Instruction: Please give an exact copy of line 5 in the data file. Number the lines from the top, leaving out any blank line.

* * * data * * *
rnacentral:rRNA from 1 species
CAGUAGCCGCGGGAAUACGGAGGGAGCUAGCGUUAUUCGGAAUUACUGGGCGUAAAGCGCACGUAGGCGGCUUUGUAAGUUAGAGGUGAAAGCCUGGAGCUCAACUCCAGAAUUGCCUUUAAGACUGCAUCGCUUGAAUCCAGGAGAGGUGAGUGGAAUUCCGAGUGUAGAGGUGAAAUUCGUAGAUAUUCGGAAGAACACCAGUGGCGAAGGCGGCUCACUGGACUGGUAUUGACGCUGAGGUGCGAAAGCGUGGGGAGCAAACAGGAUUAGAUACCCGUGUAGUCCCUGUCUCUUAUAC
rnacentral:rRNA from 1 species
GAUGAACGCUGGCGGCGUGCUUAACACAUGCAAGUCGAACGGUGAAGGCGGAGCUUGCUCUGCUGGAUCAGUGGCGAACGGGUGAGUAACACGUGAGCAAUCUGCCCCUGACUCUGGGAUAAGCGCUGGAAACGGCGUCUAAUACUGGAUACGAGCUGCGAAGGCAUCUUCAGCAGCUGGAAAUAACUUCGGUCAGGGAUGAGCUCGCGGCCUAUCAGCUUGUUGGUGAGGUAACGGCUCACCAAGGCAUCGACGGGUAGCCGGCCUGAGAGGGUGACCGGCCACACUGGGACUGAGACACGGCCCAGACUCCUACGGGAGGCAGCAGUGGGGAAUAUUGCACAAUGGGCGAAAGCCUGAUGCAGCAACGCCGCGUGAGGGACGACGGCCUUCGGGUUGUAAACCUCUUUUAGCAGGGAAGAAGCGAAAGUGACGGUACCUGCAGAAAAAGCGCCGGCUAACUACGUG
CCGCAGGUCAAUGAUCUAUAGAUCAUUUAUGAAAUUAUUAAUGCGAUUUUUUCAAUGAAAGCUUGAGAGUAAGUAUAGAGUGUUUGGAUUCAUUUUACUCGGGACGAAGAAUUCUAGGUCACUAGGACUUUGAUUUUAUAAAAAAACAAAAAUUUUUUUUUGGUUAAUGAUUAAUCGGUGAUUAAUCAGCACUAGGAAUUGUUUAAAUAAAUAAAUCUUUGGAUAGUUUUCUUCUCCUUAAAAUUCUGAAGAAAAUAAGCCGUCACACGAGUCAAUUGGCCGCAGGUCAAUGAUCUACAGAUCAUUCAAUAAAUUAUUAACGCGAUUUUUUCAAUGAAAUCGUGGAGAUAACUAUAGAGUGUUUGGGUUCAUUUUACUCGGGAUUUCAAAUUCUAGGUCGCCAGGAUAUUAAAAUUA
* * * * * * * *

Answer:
CCGCAGGUCAAUGAUCUAUAGAUCAUUUAUGAAAUUAUUAAUGCGAUUUUUUCAAUGAAAGCUUGAGAGUAAGUAUAGAGUGUUUGGAUUCAUUUUACUCGGGACGAAGAAUUCUAGGUCACUAGGACUUUGAUUUUAUAAAAAAACAAAAAUUUUUUUUUGGUUAAUGAUUAAUCGGUGAUUAAUCAGCACUAGGAAUUGUUUAAAUAAAUAAAUCUUUGGAUAGUUUUCUUCUCCUUAAAAUUCUGAAGAAAAUAAGCCGUCACACGAGUCAAUUGGCCGCAGGUCAAUGAUCUACAGAUCAUUCAAUAAAUUAUUAACGCGAUUUUUUCAAUGAAAUCGUGGAGAUAACUAUAGAGUGUUUGGGUUCAUUUUACUCGGGAUUUCAAAUUCUAGGUCGCCAGGAUAUUAAAAUUA